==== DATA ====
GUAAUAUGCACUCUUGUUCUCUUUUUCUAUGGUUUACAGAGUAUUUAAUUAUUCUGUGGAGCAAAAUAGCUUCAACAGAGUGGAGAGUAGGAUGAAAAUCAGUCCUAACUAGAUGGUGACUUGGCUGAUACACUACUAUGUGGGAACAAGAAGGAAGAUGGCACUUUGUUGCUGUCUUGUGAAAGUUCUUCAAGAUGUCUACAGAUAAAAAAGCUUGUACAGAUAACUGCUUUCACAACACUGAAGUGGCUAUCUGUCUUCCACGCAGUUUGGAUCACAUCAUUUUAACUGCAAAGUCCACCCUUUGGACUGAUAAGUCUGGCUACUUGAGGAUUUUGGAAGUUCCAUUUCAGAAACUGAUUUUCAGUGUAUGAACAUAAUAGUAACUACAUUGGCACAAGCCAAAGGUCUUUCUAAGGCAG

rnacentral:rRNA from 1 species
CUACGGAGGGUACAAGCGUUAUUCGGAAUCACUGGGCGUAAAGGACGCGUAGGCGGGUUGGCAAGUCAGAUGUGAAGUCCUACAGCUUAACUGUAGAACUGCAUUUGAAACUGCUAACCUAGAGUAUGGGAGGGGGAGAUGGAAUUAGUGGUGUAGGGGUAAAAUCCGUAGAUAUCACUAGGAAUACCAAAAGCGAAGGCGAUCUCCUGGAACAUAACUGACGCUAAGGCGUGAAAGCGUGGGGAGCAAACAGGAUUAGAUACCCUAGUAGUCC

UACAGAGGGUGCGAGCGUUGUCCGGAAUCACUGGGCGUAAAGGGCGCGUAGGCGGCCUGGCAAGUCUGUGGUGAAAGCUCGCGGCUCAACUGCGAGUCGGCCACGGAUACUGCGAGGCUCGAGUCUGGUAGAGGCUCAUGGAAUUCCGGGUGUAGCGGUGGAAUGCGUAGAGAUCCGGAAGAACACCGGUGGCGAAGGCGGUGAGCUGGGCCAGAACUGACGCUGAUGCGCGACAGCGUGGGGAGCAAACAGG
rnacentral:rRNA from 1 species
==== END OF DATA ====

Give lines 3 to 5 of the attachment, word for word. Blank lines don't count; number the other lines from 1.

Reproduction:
CUACGGAGGGUACAAGCGUUAUUCGGAAUCACUGGGCGUAAAGGACGCGUAGGCGGGUUGGCAAGUCAGAUGUGAAGUCCUACAGCUUAACUGUAGAACUGCAUUUGAAACUGCUAACCUAGAGUAUGGGAGGGGGAGAUGGAAUUAGUGGUGUAGGGGUAAAAUCCGUAGAUAUCACUAGGAAUACCAAAAGCGAAGGCGAUCUCCUGGAACAUAACUGACGCUAAGGCGUGAAAGCGUGGGGAGCAAACAGGAUUAGAUACCCUAGUAGUCC

UACAGAGGGUGCGAGCGUUGUCCGGAAUCACUGGGCGUAAAGGGCGCGUAGGCGGCCUGGCAAGUCUGUGGUGAAAGCUCGCGGCUCAACUGCGAGUCGGCCACGGAUACUGCGAGGCUCGAGUCUGGUAGAGGCUCAUGGAAUUCCGGGUGUAGCGGUGGAAUGCGUAGAGAUCCGGAAGAACACCGGUGGCGAAGGCGGUGAGCUGGGCCAGAACUGACGCUGAUGCGCGACAGCGUGGGGAGCAAACAGG
rnacentral:rRNA from 1 species